“We have invested heavily in our sales and marketing central team to help support the business across all its branches, with new business, cross-selling and retention development. So, there’s a lot of work to do, but it’s been a really good opportunity for us, using really great leadership, structure and strategy, to support the teams to achieve our shared goals.”
With those foundations firmly in place, Clear is now seeking to improve collaboration across its specialist teams. Horgan and her team will be focusing on teamwork, on expanding its CRM usage across the group to support its cross-selling capabilities, and on new business goals and targets. To enable this, a group sales manager has recently been assigned to the team.
The group has also appointed a data manager, a natural step as the importance of data and data management and the people at the end of that data, is increasingly recognised by the business. Armed with increased resources and capability, Horgan is keen to develop more niche and targeted marketing campaigns to support sales. In the past, this was not a key element of Clear’s strategy, Horgan noted, just because acquisitions have been such a focus.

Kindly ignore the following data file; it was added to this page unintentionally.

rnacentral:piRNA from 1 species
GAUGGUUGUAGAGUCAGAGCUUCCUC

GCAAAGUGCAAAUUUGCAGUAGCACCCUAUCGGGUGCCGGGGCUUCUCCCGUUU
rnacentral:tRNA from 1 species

“What comes with each acquisition is a lot of different shapes and sizes of best practice and ways of doing things,” she said, “So, we’re doing a lot of knitting so that we can continue to stand out in the crowd… It’s about just signposting [our brand and our offering] more effectively and bringing our branches together so we can deliver the ultimate client experience and service.”
Though to an outsider, the acquisition and organic growth arms of a broking group might look intrinsically separate, Horgan noted that by getting the organic growth piece right, this, in turn, supports not just clients but also prospective vendors keen to find an acquirer with a culture and growth ambitions for their business that matches their own. Having a streamlined approach to its sales and marketing strategy offers Clear an opportunity to showcase its ethos and strategic focus coherently.
Every deal made also means the acquisition of new talent and ideas, she said, and a key part of the strategy of Clear is to empower the people who come into the business through acquisition and to explore best practices in a consultative and collaborative way. After all, she said, staff are Clear’s number one asset at the end of the day.
“When we look after them, they look after the clients which, in turn, looks after the growth of the business, which, in turn then looks after staff again. It’s a full circle,” she said. “So, we’re looking to bring people on the journey with us, which I think is critical to our success. Otherwise, we’d just turn into a consolidator which is not our ethos.
“We’re not looking to just swallow up a business, because that’s not the type of broker we are. Rather we’re looking to make [our business model] smooth and effective for all parties. So, yeah, there’s a bit of knitting going on over here, we like our knitting at the moment.”